Smooth operators: Clermont dairy opens own creamery
Process produces milk with more nutrients, longer shelf life, different taste
Brandee A. Thomas
October 5, 2011
Since cloning miniature versions of their Holsteins wasn’t an option, Scott and Jennifer Glover found another way to get milk with that fresh “squeezed” taste to their customers all over Hall County.
Their solution was to open Mountain Fresh Creamery in Clermont, where they take the milk from their dairy farm and turn it into customer-ready products.
“It’s 100 percent of what the cow gives you, we don’t take anything away. We don’t have to add back vitamins A or D to it like most conventional milk that you buy at the store because we use a low-temperature pasteurization,” said Jennifer Glover, co-owner of the creamery and Glo-Crest Dairy.
“We only pasteurize to 145 degrees (Fahrenheit). Our milk is pasteurized, but non-homogenized. That’s where the fat particles are left whole and the cream rises to the top, so you have to shake well every time (you pour some).”
Since low-temperature pasteurization leaves the fat particles whole, that makes the milk more easily digestible, Scott Glover says. It also leaves “a lot of the good bacteria” in the milk.
The creamery and has been up and running for just shy of two months, but the Glovers have owned the dairy farm for 11 years.
“The dairy business is something I grew up with. I’m a fourth-generation dairy farmer in this area,” said Scott Glover, co-owner.
“We’re just small dairies. Dairy is getting like everything else — it’s going to big business like the chicken industry, hog industry and all that.
“If you can’t operate on a shoestring budget, then you’re not going to make it. We were looking for ways we could stay in the dairy business up here.”
Opening the storefront at 6615 Cleveland Highway in Clermont, which is where all of the Mountain Fresh products are processed, also was an opportunity for the Glovers to showcase their “high-quality” milk.
Prior to opening the creamery, the Glovers’ dairy farm has been the recipient of many awards including a Cream of the Crop award for the last eight years.
“We sell our milk to a co-op that serves Georgia, Florida, North Carolina, South Carolina, Alabama and Mississippi. When we sell to the co-op, our milk gets mixed in with milk from other farms,” Jennifer Glover said.
“It would get hauled somewhere and might sit on the truck for a while. Then they process it, bottle it and it might sit on another truck for a while. We said we have too high of a quality product to keep doing this. We knew we had a high-quality product, but we wanted our community to be able to try that product.
“More people are wanting to buy local and to know where there food is coming from. Our motto is, ‘Twenty-four hours from cow to you.’ The milk you’re drinking for supper that night was in our cow on the farm that morning. That’s what I call fresh.”
To get that fresh milk, the couple’s 85 cows are milked twice a day. The milk gets pumped onto a refrigerated tanker truck before it makes the six-mile trip to the creamery, where it gets processed.
“We are usually processing something about five or six days a week,” Scott Glover said.
Besides whole, low-fat and all-natural chocolate milk, Mountain Fresh also produces ice cream, buttermilk and butter.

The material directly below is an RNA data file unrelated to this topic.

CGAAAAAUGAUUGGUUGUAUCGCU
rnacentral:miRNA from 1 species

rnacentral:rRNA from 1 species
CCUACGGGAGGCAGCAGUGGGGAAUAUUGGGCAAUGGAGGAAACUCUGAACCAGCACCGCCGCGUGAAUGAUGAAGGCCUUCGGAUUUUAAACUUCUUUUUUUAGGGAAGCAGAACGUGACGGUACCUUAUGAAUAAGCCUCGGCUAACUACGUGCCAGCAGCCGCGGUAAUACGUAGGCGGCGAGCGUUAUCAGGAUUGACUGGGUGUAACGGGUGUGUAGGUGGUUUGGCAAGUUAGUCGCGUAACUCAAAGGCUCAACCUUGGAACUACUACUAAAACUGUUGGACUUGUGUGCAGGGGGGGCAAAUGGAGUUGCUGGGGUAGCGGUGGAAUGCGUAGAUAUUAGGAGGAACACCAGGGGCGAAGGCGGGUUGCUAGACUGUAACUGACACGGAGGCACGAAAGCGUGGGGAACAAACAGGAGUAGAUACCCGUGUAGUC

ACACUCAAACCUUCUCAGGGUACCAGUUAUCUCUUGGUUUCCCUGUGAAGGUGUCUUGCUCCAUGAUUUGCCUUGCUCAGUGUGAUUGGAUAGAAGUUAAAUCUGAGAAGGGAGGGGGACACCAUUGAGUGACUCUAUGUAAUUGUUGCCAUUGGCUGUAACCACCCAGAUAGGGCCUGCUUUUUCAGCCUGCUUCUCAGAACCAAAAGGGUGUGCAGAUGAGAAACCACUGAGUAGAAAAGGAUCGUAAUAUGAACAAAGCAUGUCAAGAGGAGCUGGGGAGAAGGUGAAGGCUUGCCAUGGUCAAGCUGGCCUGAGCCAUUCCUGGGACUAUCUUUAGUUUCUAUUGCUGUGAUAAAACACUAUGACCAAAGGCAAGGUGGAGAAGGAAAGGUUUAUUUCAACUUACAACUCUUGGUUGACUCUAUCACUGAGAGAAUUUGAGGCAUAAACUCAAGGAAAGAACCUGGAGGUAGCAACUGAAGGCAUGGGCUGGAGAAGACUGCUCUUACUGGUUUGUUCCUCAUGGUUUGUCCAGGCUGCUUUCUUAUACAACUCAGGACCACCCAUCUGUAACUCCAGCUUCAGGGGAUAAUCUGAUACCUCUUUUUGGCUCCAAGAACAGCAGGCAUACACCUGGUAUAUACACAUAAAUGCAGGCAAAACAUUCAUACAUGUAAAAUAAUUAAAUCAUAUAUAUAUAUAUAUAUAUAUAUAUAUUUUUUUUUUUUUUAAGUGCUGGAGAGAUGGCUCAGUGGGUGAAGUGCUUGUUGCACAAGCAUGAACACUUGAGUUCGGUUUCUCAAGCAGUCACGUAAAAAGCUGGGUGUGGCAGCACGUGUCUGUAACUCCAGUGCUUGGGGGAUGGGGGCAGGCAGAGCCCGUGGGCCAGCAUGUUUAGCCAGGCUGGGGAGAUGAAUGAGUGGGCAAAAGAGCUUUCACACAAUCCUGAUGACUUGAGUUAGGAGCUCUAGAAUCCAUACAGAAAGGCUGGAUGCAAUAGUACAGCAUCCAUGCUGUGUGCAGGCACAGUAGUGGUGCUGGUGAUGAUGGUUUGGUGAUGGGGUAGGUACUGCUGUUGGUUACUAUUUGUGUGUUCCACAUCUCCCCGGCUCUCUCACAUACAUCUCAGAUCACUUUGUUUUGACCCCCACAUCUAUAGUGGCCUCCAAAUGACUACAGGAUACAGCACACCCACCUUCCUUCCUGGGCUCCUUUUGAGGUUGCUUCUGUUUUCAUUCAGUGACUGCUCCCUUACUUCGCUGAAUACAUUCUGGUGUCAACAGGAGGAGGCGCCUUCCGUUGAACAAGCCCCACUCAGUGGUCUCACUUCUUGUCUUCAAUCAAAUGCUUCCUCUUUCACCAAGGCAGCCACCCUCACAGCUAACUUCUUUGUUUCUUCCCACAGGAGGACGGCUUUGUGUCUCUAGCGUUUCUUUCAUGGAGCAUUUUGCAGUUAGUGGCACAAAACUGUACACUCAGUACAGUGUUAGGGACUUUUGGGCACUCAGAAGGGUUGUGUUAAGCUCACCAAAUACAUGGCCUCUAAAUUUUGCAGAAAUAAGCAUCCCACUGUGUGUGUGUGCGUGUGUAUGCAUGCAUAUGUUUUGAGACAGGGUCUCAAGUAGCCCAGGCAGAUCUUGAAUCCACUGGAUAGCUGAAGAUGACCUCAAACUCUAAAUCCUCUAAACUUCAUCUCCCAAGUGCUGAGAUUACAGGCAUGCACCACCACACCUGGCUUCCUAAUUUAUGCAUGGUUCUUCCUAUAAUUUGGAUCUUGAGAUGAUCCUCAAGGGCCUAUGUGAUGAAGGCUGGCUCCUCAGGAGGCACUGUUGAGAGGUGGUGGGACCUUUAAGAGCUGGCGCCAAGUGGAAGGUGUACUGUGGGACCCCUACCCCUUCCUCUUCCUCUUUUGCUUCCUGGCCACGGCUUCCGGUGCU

Mountain Fresh products can be purchased at the creamery, which is open everyday and features a window over-looking the processing area, or they can be purchased at Jaemor Farmers Market in Alto or the J&J Foods locations in Gainesville.
“We’re not out here to compete with any of the conventional grocery store milks. It’s a different product and it has a different taste to it. It’s a lot creamier,” Jennifer Glover said.
“A lot of people can drink this non-homogenized milk that are lactose intolerant or have some allergies to milk. We have had people come in and say that they hadn’t been able to drink milk in forever, but they’re able to drink ours.”
Becky Whitlock, a Mountain Fresh customer, says that the milk tastes, “Just like the old-fashioned stuff.”
“The shelf-life of non-homogenized milk is a little higher than other milks,” Jennifer Glover says.
“For our products, it’s anywhere from 18 to 22 days. When you get it the day that it’s fresh, you can have milk for three weeks.”
Although they don’t give their cows growth hormones, the Glovers say their milk isn’t in short supply.
“Scott is very passionate about taking good care of his cows. When a cow is taken care of and feels good, it produces more milk. Our cows produce a lot of milk,” Jennifer Glover said.
“We can bottle about 500 to 600 gallons of milk a day.”
Taking care of their cows means providing access to fresh water at all times, providing protection from the elements when desired and plenty of grass to nibble on.
“They have access to pasture at all times. They graze outside because that’s the way God intended,” Jennifer Glover said.
“And we only give antibiotics when a cow’s life is in danger, but that milk never goes into the tank (with the rest of the milk). It is tested to 99.9 percent (to make sure it’s antibiotic free before use).”
Once they’ve sufficiently established their customer-base out of their creamery, the Glovers may set their sights on new ventures — like changing public perceptions of “happy hour.”
Instead of tossing back alcoholic beverages, if the Glovers have their way, folks will be raising glasses of milk — non- homogenized of course.
“We had our grand opening (about two weeks ago) and we served milk and cookies,” Jennifer Glover said.
“It’s a new spin on happy hour.”